Estifanos Berta-Samuel, a lifeline to Ethiopian arts and entertainment
8/15/2010 3:27:38 PM -
Beautiful Ethiopia is known for many wonderful things; splendid culture, striking women and a civilization rooted firmly in African history. It is the dream of model/dancer/actor Estifanos Berta-Samuel to add to that by starting a corporation that will build a world class industry for arts, fashion and entertainment professionals in his home country and across Africa. Judging by his determination and journey through the industry both overseas and on the continent, he may very well be on his way to achieving that.
Estifanos hails from the Amhara Tribe and with his impressive physique – 6 .5ft height, brown eyes and caramel skin – he has dazzled on the stage of several runways and graced the pages of print publications across the globe. He currently lives in Johannesburg, South Africa and shuttles between New York and Los Angeles under his agency, HEADS MODELS in Johannesburg www.headsmodels.co.za.
He started modeling rather unwillingly in High School at the 10th grade but today looks back on his journey with pride, having worked with some of the best stylists, photographers, and designers in the industry. He has worked as an assistant to the in house stylist at ENYCE, and appeared in several campaigns like: Absolut Vodka commercial in Paris, France; History Channel commercial in Hollywood, CA; Los Angeles Fashion Week; and BET Awards Fashion Show just to name a few.
I caught up with Estifanos, who lists Tyson Beckford, Tyra Banks, Kimora Lee and Iman as his role models in the industry, to find out about his journey into the world of fashion, his spirituality, his ambitions and personal battles.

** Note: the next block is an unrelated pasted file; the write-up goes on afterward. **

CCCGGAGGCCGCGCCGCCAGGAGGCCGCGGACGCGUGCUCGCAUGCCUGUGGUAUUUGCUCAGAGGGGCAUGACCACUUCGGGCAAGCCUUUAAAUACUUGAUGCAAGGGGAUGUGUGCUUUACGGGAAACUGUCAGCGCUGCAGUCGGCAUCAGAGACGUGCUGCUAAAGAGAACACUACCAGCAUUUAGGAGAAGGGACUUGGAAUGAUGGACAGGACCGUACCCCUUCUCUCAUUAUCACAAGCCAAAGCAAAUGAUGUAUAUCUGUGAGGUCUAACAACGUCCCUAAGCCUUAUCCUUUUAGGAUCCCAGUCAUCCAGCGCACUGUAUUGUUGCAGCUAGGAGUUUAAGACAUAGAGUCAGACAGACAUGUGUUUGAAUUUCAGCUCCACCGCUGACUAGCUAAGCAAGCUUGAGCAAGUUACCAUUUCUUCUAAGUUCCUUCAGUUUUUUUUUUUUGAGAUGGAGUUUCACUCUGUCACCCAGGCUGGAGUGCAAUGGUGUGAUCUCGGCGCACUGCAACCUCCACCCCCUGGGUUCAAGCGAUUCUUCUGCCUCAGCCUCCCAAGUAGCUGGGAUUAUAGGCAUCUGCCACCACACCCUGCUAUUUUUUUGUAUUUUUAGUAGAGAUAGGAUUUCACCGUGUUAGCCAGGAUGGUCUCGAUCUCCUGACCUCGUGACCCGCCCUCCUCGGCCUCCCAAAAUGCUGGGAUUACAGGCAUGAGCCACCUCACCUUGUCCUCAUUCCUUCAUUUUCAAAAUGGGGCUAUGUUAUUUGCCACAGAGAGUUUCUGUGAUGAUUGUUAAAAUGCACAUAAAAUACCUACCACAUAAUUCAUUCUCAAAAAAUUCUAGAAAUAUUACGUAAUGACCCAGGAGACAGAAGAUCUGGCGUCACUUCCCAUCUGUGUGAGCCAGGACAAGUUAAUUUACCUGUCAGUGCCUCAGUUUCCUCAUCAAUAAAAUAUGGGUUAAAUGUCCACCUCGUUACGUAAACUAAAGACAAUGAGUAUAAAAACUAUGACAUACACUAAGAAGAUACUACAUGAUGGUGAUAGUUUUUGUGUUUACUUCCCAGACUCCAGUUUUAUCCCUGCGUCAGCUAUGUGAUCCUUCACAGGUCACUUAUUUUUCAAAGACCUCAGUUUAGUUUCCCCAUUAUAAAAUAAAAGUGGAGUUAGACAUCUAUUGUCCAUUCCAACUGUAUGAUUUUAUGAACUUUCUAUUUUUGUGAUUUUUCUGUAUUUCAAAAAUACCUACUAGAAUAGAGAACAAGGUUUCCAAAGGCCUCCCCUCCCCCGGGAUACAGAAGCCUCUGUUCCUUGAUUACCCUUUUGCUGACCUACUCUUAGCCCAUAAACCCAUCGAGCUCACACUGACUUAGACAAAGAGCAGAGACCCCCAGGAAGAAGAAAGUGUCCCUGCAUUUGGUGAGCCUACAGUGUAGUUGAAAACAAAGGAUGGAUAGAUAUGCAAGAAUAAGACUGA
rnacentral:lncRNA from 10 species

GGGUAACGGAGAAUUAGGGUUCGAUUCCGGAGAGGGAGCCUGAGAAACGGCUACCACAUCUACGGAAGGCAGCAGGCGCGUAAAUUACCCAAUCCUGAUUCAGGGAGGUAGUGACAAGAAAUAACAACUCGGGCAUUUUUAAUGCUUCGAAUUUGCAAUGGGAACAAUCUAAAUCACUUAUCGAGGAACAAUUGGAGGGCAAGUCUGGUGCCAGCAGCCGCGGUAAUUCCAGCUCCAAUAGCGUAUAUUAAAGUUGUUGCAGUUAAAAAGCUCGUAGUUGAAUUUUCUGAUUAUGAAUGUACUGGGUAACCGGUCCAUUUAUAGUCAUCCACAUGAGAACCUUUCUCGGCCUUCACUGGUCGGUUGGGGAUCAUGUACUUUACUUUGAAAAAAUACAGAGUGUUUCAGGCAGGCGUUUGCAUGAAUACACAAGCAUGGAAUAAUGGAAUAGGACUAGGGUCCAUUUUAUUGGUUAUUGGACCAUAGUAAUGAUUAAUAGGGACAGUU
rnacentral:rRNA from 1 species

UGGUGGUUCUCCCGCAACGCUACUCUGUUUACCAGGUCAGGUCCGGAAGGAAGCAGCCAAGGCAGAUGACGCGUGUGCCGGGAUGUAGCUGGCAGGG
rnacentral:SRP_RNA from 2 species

Ameyaw Debrah: How did you get into modeling?
One of my younger sisters was into modeling in high school and I would take her to castings and fashion shows. Every time I arrived I was asked by the organizers and agents to model for them. I never accepted any offer or gave the idea much thought because in my culture modeling was just not something that men did. After hearing so much from every one “you should be a model, you have that look” I entered some nationwide model search competition only to be scammed out of my money. I thought this whole modeling thing is just one big convoluted mess. I went back to my life thinking “I can’t believe those judges chose people that clearly looked like they crawled from under a rock”.
In my sophomore year of college, Howard University, a guy that lived in my dorm was a photographer for a local upstart model agency. Every time I saw him, he suggested to me that I speak with the agents because I had the look that they wanted but of course I declined each time. One day while returning to the dorm from dance class, as I was sweating and breathing like a beast, I saw that guy and the CEO of the agency leaving the building. As fate would have it, I was stopped and questioned about modeling, and then asked to meet later with the agency. I did after several weeks of thinking it over and was given my first contract for representation. The rest is history
Ameyaw Debrah: What kind if modeling are you into?
Currently I primarily do runway and commercial print modeling. I think I would like to try my luck at fitness modeling as well. However, I’m afraid that getting so big would damage my opportunity to keep my career going for runway and commercial work. I would simply be too big and muscular.
Ameyaw Debrah: Do you think African models have the opportunity to succeed internationally while back home?
I personally think and believe that any African model worth his/her salt can hold it down anywhere on earth contrary to popular belief from the “powers that be”. It is very disheartening to be in this industry and see that everywhere outside of Africa black models are disappearing and getting less and less work. We have to fight three times as hard to be recognized in markets that are saturated by models from every corner of the earth excluding Africa. It hurts to sit in a fashion show and see twenty to forty models pass on the runway and not one face looks like my own and what’s worse is that I’m expected to buy and parade those garments around proudly. I do know that among our own in the Western world there are many opportunities to be taken advantage of. However, it remains a dream for so many models here in Africa to go to the West and work but it is more than possible!
Ameyaw Debrah: What else do you do aside modeling?